7. Hecht, S. S. (2000) Inhibition of carcinogenesis by isothiocyanates. Drug metabolism reviews 32, 395-411

8. Cohen, J. H., Kristal, A. R., and Stanford, J. L. (2000) Fruit and vegetable intakes and prostate cancer risk. Journal of the National Cancer Institute 92, 61-68

9. Voorrips, L. E., Goldbohm, R. A., van Poppel, G., Sturmans, F., Hermus, R. J., and van den Brandt, P. A. (2000) Vegetable and fruit consumption and risks of colon and rectal cancer in a prospective cohort study: The Netherlands Cohort Study on Diet and Cancer. American journal of epidemiology 152, 1081-1092

10. Bell, M. C., Crowley-Nowick, P., Bradlow, H. L., Sepkovic, D. W., Schmidt-Grimminger, D., Howell, P., Mayeaux, E. J., Tucker, A., Turbat-Herrera, E. A., and Mathis, J. M. (2000) Placebo-controlled trial of indole-3-carbinol in the treatment of CIN. Gynecologic oncology 78, 123-129

11. Epplein, M., Wilkens, L. R., Tiirikainen, M., Dyba, M., Chung, F. L., Goodman, M. T., Murphy, S. P., Henderson, B. E., Kolonel, L. N., and Le Marchand, L. (2009) Urinary isothiocyanates; glutathione S-transferase M1, T1, and P1 polymorphisms; and risk of colorectal cancer: the Multiethnic Cohort Study. Cancer epidemiology, biomarkers & prevention : a publication of the American Association for Cancer Research, cosponsored by the American Society of Preventive Oncology 18, 314-320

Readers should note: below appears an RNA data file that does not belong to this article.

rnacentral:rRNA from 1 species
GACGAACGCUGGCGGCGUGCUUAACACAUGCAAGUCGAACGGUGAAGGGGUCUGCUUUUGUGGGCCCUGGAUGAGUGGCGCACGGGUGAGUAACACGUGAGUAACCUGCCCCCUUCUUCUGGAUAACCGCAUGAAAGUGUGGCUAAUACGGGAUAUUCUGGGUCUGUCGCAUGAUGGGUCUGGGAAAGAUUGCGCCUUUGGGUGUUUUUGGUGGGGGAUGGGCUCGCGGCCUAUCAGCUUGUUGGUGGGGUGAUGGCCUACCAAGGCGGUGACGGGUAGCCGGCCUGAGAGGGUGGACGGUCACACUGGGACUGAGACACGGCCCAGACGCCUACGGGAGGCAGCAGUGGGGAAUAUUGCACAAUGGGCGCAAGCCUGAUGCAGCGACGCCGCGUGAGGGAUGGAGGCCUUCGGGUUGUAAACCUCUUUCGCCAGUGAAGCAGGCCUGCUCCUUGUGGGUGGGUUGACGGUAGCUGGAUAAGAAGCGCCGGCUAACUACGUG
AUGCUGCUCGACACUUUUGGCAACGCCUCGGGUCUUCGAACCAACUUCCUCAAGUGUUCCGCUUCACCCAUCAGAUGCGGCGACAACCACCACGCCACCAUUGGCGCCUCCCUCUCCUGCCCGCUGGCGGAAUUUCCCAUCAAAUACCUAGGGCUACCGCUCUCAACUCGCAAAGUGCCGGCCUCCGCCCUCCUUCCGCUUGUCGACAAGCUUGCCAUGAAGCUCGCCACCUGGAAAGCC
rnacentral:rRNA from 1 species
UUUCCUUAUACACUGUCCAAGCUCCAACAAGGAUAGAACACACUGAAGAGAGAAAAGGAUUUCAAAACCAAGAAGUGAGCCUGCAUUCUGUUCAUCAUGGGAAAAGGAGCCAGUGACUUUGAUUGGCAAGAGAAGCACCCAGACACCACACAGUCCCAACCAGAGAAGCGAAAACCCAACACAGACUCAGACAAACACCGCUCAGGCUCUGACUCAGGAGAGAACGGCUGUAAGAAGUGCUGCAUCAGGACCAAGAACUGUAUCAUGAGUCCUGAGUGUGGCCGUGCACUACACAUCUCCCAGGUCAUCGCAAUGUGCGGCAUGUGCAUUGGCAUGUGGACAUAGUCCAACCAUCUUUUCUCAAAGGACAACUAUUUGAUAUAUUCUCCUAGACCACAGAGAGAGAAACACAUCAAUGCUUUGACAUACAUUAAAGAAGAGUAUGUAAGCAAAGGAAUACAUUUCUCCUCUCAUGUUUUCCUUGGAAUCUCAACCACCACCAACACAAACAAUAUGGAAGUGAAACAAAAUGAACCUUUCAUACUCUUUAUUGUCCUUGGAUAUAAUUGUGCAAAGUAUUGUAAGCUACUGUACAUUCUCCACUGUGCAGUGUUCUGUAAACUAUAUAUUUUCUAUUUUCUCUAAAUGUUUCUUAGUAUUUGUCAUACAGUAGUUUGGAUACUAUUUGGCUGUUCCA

12. London, S. J., Yuan, J. M., Chung, F. L., Gao, Y. T., Coetzee, G. A., Ross, R. K., and Yu, M. C. (2000) Isothiocyanates, glutathione S-transferase M1 and T1 polymorphisms, and lung-cancer risk: a prospective study of men in Shanghai, China. Lancet 356, 724-729

13. Yang, G., Gao, Y. T., Shu, X. O., Cai, Q., Li, G. L., Li, H. L., Ji, B. T., Rothman, N., Dyba, M., Xiang, Y. B., Chung, F. L., Chow, W. H., and Zheng, W. (2010) Isothiocyanate exposure, glutathione S-transferase polymorphisms, and colorectal cancer risk. The American journal of clinical nutrition 91, 704-711